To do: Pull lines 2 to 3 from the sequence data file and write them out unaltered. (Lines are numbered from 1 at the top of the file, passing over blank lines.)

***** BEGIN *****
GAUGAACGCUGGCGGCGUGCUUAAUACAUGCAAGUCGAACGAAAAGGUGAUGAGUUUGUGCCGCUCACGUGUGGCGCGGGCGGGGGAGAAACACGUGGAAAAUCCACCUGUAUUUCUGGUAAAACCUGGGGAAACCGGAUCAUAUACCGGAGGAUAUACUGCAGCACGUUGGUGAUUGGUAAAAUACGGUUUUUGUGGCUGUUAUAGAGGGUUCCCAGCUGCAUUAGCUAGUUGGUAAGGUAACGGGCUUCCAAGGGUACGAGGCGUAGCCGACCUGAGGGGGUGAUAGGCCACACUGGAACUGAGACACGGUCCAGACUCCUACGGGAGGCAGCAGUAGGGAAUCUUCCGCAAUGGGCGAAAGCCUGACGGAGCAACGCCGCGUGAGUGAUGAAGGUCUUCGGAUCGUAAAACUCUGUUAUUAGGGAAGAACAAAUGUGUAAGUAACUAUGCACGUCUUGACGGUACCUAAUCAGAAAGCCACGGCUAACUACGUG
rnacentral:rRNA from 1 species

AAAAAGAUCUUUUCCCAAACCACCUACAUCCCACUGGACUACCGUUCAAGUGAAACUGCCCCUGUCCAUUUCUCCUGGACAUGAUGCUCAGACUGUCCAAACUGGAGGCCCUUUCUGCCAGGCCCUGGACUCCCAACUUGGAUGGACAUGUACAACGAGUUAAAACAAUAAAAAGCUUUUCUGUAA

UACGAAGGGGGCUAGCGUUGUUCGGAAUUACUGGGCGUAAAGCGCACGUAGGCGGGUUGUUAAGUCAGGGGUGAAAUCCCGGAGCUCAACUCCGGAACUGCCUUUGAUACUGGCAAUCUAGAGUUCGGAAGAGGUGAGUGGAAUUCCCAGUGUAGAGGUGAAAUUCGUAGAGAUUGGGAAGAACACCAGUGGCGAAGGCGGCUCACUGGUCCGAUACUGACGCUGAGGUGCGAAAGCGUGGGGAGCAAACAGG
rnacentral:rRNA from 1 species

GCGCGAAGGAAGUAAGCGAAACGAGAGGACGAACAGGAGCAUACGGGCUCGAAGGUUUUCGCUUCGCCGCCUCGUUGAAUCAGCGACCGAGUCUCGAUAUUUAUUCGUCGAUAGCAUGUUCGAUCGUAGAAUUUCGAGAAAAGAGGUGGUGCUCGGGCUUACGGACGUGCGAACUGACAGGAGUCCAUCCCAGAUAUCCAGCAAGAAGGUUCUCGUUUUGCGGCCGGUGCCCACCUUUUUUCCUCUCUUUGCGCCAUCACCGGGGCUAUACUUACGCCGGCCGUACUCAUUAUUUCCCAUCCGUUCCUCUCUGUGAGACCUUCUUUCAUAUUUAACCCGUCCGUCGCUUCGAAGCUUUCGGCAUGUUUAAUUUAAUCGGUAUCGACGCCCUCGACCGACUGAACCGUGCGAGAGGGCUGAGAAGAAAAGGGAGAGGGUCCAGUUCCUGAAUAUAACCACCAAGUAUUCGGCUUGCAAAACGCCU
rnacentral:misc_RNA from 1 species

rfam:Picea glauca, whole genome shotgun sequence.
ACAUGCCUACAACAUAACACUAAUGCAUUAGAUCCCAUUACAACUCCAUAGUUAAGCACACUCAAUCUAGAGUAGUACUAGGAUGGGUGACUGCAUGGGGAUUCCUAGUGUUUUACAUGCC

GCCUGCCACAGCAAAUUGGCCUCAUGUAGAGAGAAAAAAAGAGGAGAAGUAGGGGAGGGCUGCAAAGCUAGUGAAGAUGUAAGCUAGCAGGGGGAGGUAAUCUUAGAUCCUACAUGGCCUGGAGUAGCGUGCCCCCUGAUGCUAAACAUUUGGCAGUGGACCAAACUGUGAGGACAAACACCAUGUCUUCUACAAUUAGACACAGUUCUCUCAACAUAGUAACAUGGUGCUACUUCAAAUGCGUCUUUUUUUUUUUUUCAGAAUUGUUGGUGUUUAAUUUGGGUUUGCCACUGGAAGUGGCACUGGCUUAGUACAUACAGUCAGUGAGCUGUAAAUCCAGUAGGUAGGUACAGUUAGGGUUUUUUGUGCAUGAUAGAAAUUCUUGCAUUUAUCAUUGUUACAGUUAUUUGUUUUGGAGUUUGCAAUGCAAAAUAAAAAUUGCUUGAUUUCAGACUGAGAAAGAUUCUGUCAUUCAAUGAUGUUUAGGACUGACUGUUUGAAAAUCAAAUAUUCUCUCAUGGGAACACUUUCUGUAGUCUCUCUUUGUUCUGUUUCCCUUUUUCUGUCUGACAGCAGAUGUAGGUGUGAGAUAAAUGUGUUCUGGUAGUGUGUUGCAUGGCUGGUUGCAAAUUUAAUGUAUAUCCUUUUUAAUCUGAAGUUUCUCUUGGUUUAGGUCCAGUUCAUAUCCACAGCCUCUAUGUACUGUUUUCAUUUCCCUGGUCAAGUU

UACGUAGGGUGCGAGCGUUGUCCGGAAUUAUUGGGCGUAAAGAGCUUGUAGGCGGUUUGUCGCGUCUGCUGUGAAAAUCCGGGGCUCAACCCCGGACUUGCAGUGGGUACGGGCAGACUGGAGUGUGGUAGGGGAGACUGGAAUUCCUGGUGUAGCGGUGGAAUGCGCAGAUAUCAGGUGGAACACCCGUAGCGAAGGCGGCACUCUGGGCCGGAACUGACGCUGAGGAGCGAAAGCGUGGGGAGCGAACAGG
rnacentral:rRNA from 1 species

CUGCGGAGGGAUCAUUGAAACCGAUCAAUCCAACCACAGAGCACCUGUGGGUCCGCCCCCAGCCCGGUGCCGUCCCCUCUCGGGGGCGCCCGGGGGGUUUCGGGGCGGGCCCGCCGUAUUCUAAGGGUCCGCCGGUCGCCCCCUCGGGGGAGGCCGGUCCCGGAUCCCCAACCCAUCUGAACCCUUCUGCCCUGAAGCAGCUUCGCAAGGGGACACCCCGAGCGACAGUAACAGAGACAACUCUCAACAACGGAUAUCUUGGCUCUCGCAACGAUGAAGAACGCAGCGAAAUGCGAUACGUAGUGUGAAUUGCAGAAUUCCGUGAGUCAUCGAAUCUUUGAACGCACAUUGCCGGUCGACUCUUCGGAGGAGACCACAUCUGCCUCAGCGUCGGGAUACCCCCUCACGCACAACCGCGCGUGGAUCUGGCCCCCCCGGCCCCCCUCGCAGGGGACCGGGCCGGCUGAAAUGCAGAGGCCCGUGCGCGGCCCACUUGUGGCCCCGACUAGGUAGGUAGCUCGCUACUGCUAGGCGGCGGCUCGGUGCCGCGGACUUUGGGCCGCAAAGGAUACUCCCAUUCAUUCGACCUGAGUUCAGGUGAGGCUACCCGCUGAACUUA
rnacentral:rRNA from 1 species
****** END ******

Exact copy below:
rnacentral:rRNA from 1 species

AAAAAGAUCUUUUCCCAAACCACCUACAUCCCACUGGACUACCGUUCAAGUGAAACUGCCCCUGUCCAUUUCUCCUGGACAUGAUGCUCAGACUGUCCAAACUGGAGGCCCUUUCUGCCAGGCCCUGGACUCCCAACUUGGAUGGACAUGUACAACGAGUUAAAACAAUAAAAAGCUUUUCUGUAA